4. New minimums

Come January 1, 13 states will raise the minimum wage above the federal standard within their own borders. While Congress aborted its duty and reneged on its promise to constituents, at least some states recognize the need for workers’ pay to keep pace with the rising cost of…well…everything. For those retail and fast-food workers who went on strike this past year, it seems as if someone was paying attention. There is still hope that Congress will be pushed into raising the federal minimum wage by Democrats looking to find votes during the mid-term elections.

 5. Obama-care’s real test

Forget how it was rolled out, don’t fret over the problems with the website and the prediction of Armageddon, the fact is, people are enrolling – and at a faster rate than initially reported.  The real test will be when people begin finding out if they got what they thought they got. The most potential for harm will come in the form of the “Employer mandate” where companies who have 50 or more employees will have to pay $2,000 per employer in fines if they do not provide health-care coverage. This has always been a tough sell to small businesses, so much so that enforcing the rule was delayed until 2015. The question of whether it would be cheaper to pay the fine is simple, but finding the right answer is as complex as each company’s bottom line. Aside from the actual dollar costs, one would also have to factor in the loss of human talent if a company decides not to offer health-care when their competition does. The other big test will rest on the backs of those families that live in states when their governors and lawmakers decided to forego billions of dollars and declined to expand Medicare, thus leaving millions of poor Americans uninsured. Most people who have never had insurance, or have been relatively healthy may not have had experienced being denied treatment due to a preexisting condition. They may not know what it is to go into crushing debt when a child gets sick or hurt and they no longer were qualified to be on their parents’ insurance. When my sister was diagnosed with cancer, she became virtually uninsurable outside of what an employer would offer. Even with that, the medical costs swallowed everything she worked her entire life earning. When the AIDs became an epidemic it was because nearly everyone knew someone who was affected by the disease. I’m willing to bet that there are even more people who know someone who has been affected by a lack of or less than adequate health insurance.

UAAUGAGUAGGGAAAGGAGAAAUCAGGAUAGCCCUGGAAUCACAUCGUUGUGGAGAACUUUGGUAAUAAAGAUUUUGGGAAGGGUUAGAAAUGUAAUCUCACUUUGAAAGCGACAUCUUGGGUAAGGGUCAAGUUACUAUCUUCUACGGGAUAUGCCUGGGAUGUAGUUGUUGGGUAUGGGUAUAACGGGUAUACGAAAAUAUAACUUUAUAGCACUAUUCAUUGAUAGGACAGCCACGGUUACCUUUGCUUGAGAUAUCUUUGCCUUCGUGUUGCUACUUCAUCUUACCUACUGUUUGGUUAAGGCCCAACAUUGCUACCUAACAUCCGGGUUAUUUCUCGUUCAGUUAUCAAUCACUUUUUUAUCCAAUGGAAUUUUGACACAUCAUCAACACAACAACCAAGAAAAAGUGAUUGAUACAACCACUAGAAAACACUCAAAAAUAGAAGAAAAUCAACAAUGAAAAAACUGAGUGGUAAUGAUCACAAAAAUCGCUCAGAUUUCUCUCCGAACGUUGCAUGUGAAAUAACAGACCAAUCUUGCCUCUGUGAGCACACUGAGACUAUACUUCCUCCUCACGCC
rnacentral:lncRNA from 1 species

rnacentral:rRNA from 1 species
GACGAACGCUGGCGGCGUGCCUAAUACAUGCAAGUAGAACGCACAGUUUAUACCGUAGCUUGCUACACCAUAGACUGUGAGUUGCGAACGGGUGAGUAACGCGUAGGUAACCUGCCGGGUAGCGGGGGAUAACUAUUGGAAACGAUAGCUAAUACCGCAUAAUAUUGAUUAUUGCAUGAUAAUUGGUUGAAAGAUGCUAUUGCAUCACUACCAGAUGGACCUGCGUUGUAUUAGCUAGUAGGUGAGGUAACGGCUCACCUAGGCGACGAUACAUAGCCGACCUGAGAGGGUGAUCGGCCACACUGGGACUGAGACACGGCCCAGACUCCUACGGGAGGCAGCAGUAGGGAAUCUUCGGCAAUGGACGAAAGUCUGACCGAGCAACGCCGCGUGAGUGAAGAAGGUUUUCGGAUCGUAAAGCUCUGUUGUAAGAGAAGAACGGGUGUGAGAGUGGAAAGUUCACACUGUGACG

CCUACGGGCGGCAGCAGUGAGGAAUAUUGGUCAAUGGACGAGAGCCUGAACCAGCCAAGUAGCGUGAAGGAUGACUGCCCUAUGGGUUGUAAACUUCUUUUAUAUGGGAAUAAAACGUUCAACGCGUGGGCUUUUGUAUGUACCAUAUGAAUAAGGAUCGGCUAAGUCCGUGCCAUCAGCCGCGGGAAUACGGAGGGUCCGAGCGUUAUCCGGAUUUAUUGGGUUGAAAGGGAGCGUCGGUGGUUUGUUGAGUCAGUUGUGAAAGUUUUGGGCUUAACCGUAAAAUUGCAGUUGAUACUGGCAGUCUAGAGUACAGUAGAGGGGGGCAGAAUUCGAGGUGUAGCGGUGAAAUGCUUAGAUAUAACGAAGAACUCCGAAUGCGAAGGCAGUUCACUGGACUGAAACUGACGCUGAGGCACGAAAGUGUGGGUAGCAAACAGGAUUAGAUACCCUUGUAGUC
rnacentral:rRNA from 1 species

6. Finger pointing

Aaahhh, the mid-term elections, though not as exciting as when there’s a Presidential seat up for grabs, but expect this to be year to have more fireworks than normal. The Congress is coming off its worst year ever and its behavior only fueled the mistrust and cynicism of its constituency. The members did nothing to overcome a crippled and sluggish economy; did nothing to reign in the abuses of over-reaching national security agencies; did nothing to balance the shrinking status of the middle class against the backdrop of obscene corporate profits; did nothing to strengthen the safety of our food and water; did nothing to reduce the U.S. energy dependence on foreign sources, and did absolutely nothing to justify their $174,000 average annuals salaries. But still it should be fun to watch the blame game in full effect; I imagine it will be something like Jake Blues explaining why he never showed up at the altar.